Myocarditis, an inflammation of the heart, was among concerns cited by the Big Ten in August when it planned to postpone football until spring.
City sports officials offer to create basketball bubble for interested schools
Indiana Sports Corp. released a 16-page proposal Friday that calls for turning the convention center’s exhibition halls and meeting rooms into basketball courts and locker rooms. There would be expansive safety measures and daily virus testing.Read More
Memo: NCAA to furlough its entire staff for up to 8 weeks
The NCAA will furlough its entire Indianapolis-based staff of about 600 employees in a cost-saving move, according to memo obtained Wednesday by The Associated Press.Read More
Former IU athletic director Glass joining Indianapolis law firm
Fred Glass, 61, will become a partner at Taft Stettinius & Hollister, where he will operate a general business law practice, while also handling matters related to higher education, employment, government matters, sports, media and entertainment.Read More
Uncertainty lingers over Final Four, but NCAA still eyeing April
The NCAA and the Indiana Sports Corp. both said they’re still planning for the Final Four on its original dates. Some sports business experts wonder whether the college basketball tournament could benefit from a “bubble” strategy like the NBA or NHL.Read More
The Division I Council voted Wednesday to delay the start date from the originally scheduled Nov. 10 as one of several precautions against the spread of coronavirus.
All 14 teams are expected to play eight regular-season games in eight weeks, plus have an opportunity to play a ninth game, possibly on Dec. 19, with a conference championship game in Indianapolis—if all goes well.
The NCAA is working to change its rules restricting athletes from earning money for things such as endorsements, in-person appearances and social media posts.
Presidents of universities in the Big Ten Conference were presented a comprehensive plan Sunday to conduct a fall football season, but a final decision is still to come.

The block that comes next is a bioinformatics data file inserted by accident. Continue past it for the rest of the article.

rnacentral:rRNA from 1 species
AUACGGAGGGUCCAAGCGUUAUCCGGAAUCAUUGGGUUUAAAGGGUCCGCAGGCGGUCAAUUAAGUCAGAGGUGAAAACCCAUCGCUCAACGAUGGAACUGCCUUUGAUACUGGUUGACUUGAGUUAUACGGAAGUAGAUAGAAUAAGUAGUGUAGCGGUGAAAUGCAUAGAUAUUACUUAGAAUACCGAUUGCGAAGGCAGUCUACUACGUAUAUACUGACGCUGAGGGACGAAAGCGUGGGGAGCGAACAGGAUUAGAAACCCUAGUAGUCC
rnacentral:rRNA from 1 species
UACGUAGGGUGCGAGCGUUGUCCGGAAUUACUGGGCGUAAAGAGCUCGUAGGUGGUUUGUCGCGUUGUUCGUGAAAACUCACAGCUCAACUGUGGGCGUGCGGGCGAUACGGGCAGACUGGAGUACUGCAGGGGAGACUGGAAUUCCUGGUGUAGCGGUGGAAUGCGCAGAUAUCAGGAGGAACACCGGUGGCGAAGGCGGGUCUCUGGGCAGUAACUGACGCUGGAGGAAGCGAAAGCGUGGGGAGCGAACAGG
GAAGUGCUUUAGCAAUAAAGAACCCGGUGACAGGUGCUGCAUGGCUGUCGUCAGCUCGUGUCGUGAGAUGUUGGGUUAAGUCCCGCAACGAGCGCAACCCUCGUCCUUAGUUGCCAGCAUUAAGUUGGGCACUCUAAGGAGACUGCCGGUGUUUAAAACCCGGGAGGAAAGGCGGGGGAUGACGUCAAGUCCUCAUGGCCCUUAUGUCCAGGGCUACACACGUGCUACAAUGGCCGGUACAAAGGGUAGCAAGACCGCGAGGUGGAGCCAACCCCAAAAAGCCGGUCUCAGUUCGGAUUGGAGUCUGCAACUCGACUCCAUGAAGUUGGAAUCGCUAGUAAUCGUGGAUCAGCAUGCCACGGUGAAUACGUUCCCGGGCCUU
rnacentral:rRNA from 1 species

If things move quickly, the Big Ten could start an eight-game season in about a month, and still compete for a spot in the College Football Playoff.
The finding adds to a growing body of evidence that the pneumonia-causing coronavirus is also resulting in damage to the heart, as well as other organs.
Multiple coaches said creating an everybody-gets-in format would be an incentive for schools as they create the safest conditions possible for returning to play.
Each Notre Dame home football game typically brings in about $17 million in visitor spending to St. Joseph County and $22 million for the overall region, according to the most recent study.
The Big Ten, in a written statement, said Commissioner Kevin Warren and President Donald Trump had a “productive conversation.”
The conference is in the early stages of a complicated process that also involves broadcast partners and possible neutral site venues, but could have a season starting as soon as Thanksgiving weekend.
One option includes playing games at domed stadiums across the Midwest, including in Indianapolis, Minneapolis and Detroit.
A growing number of analysts and insiders are reaching a startling conclusion: The scrapping of the college Division I football season actually might come with as many silver linings as drawbacks—maybe even more.
The Division I Council made a similar decision for spring-sport athletes who had their seasons cut short by the coronavirus.
The cancellation of the fall season promises to wallop businesses who count on those fall weekends for survival, and the economic impact likely will measure in the tens of millions in many of the small towns across the sprawling conference.
The highest tier of Division I football, the Bowl Subdivision, is not affected because it is not overseen by the NCAA.
Purdue University Head Football Coach Jeff Brohm said he believes football can be played safely in the spring and again next fall if university presidents and medical teams agree.
Exactly when a season could be played in the spring is likely to be determined by the status of the pandemic and the NCAA men’s basketball tournament. Would anybody in college sports want football treading on basketball’s main event?
The broadcast rights for football generate millions of dollars for the Big Ten Conference’s athletic departments, and schools across the country have projected major deficits in the wake of the pandemic.
The Mountain West on Monday became the second major conference to call off fall sports, joining the Mid-American Conference. The Big Ten and Pac-12 could soon follow suit.